May 3 (UPI) -- A majority of voters in 44 states approve of same-sex marriage, according to a new poll by the nonprofit Public Religion Research Institute.
The findings, released Tuesday, reveal more than six in 10 respondents support gay marriage. Thirty percent of respondents said they don't approve of same-sex marriage.
Approval of same-sex marriage has grown over the last decade and has increased substantially since the U.S. Supreme Court ruled in 2015 that same-sex couples have a right to marry.
In 2007, 13 percent of the public strongly favored same-sex marriage, while nearly one-quarter (24 percent) were strongly opposed.
Same-sex marriage approval is growing across all ethnic, political and religious groups. The survey found 63 percent of white, 52 percent of black and 61 percent of Latino Americans approve of gay marriage. Seventy-three percent of Democrats support same-sex marriage, followed by 66 percent of independents and 42 percent of Republicans.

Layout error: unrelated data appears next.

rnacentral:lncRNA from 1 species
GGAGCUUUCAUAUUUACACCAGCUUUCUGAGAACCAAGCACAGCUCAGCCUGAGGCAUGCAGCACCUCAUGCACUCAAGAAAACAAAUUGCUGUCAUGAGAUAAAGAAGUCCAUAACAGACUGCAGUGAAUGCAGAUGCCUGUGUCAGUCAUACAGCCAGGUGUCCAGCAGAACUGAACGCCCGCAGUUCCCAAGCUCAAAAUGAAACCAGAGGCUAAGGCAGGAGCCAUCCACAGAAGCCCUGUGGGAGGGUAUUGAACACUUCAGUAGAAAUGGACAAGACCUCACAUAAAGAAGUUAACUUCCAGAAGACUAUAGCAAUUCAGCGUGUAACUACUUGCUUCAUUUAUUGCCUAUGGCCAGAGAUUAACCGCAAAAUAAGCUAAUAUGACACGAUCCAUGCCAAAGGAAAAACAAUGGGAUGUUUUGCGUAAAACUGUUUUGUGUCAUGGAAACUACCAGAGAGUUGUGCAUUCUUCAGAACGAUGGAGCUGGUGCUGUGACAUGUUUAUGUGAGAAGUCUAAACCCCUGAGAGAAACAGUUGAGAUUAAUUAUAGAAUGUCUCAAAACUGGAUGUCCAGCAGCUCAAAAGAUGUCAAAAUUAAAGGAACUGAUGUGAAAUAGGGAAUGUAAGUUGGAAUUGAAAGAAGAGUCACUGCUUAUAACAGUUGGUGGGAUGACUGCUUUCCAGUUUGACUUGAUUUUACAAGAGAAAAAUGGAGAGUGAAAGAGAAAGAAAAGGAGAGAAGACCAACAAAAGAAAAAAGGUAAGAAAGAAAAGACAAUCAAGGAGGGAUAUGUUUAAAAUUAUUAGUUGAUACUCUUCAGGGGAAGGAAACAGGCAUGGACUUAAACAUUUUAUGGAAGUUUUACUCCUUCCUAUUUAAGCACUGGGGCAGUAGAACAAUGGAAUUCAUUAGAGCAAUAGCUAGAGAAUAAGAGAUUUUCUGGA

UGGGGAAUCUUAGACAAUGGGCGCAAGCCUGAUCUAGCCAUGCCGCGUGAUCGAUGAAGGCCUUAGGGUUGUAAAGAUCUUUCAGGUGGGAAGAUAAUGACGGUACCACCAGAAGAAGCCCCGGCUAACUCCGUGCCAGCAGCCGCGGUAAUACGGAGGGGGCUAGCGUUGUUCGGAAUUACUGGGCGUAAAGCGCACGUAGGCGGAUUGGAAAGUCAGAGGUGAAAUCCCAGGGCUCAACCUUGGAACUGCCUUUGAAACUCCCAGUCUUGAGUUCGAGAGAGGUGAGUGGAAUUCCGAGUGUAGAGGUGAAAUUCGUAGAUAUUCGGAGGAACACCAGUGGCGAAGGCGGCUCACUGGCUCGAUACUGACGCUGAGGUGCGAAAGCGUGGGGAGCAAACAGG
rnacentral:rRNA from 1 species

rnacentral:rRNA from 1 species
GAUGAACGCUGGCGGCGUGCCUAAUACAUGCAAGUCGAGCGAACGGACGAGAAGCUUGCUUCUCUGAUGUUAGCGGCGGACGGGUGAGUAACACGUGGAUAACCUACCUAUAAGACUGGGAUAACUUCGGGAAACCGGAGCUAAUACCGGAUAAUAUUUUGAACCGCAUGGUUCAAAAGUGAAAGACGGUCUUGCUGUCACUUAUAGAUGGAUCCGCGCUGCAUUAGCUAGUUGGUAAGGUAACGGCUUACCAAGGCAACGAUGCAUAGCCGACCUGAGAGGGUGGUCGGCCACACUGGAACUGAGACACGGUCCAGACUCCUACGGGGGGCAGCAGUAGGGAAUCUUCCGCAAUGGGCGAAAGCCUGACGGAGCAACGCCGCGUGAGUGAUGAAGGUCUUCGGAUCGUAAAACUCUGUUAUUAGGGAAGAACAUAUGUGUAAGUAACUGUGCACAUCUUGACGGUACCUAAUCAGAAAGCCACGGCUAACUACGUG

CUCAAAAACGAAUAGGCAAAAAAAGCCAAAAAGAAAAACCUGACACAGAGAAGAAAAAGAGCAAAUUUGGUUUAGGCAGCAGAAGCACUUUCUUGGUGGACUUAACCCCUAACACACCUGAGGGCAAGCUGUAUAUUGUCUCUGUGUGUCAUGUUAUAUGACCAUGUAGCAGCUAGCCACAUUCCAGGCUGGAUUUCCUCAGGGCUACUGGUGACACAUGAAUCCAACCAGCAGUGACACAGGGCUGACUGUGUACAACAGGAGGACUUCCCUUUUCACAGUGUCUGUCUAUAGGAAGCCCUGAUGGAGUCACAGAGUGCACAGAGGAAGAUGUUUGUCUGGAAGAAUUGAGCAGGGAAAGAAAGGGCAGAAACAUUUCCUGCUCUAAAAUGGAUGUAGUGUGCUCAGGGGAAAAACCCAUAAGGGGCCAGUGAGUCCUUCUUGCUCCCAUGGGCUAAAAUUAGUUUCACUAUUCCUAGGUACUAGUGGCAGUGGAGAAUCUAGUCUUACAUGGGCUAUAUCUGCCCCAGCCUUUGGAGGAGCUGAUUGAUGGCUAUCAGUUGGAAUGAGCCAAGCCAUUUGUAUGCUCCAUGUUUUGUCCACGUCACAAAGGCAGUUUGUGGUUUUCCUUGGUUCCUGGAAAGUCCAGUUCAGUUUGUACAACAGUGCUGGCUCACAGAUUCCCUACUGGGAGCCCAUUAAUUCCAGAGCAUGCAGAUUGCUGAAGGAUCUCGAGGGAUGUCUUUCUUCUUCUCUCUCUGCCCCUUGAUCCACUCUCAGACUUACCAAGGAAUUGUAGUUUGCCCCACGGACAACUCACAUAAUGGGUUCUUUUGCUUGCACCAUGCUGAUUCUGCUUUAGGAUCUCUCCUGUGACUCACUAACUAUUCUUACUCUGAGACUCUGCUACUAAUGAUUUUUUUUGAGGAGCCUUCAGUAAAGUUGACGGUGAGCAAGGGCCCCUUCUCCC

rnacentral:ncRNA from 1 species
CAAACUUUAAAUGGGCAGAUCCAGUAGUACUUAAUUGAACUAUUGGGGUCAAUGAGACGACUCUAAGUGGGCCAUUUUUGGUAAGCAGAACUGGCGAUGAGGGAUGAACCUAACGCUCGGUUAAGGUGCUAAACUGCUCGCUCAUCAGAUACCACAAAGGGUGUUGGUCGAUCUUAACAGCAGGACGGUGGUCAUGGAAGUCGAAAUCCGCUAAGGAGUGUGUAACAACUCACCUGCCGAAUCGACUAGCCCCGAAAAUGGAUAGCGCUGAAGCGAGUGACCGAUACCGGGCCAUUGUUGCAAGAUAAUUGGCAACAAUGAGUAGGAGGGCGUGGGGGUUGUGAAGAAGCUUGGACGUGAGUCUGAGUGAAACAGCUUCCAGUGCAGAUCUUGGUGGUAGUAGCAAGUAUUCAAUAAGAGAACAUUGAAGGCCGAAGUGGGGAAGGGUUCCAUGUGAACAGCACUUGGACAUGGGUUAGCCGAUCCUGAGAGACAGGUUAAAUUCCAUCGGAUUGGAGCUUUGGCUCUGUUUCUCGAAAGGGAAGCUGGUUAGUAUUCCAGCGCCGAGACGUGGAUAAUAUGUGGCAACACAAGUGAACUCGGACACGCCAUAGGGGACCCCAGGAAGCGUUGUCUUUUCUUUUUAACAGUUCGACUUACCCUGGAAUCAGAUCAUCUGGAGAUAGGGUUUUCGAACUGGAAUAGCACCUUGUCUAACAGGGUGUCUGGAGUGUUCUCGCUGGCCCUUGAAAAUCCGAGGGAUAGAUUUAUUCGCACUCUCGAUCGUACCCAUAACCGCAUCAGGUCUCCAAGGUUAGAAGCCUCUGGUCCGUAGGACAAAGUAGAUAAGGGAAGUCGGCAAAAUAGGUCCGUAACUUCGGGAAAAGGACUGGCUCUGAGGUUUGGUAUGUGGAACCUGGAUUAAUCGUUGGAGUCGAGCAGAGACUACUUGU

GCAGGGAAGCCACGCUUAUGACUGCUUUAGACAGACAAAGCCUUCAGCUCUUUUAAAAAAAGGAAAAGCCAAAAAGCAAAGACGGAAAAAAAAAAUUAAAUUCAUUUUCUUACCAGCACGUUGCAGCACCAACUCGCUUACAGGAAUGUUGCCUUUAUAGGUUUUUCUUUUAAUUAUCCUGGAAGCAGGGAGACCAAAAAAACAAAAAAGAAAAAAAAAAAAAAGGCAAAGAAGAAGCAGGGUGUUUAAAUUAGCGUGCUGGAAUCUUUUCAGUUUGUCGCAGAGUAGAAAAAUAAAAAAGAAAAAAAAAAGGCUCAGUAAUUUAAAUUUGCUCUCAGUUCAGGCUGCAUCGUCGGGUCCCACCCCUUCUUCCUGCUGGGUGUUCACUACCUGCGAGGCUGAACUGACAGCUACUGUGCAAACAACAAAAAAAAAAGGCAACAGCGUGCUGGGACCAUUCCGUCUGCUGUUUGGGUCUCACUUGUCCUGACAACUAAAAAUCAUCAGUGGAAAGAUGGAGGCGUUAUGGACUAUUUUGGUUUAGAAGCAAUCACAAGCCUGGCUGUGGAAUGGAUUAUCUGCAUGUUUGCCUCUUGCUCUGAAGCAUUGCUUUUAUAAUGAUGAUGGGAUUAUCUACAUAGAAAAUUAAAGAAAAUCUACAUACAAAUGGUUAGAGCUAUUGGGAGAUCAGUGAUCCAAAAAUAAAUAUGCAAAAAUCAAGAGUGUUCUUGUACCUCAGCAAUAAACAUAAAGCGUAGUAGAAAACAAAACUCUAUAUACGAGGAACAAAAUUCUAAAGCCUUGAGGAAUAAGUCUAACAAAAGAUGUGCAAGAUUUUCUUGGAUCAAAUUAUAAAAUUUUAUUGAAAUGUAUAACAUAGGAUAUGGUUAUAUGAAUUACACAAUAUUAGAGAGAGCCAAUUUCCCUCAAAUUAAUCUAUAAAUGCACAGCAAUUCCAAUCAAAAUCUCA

Of the major religious groups, 67 percent of white protestants and 66 percent of white Catholics support same-sex marriage, while 65 percent of Hispanic Catholics and 66 percent of Orthodox Christians approve.
Numbers also reveal 51 percent of Muslims, 80 percent of Buddhists, 77 percent of Jews and 75 percent of Hindus approve of same-sex marriage.
Only six states have approval rates of under 50 percent: Alabama, Mississippi, Tennessee, West Virginia, Louisiana and North Carolina. The most supportive states come from the New England area: Vermont, Massachusetts, Rhode Island Connecticut, New Hampshire and Maine.
The extensive survey was conducted in 2017, interviewing more than 40,000 people by telephone or cell phone during an eight-month period. The margin of error for the sample is 1.2 percentage points at a 95 percent confidence level.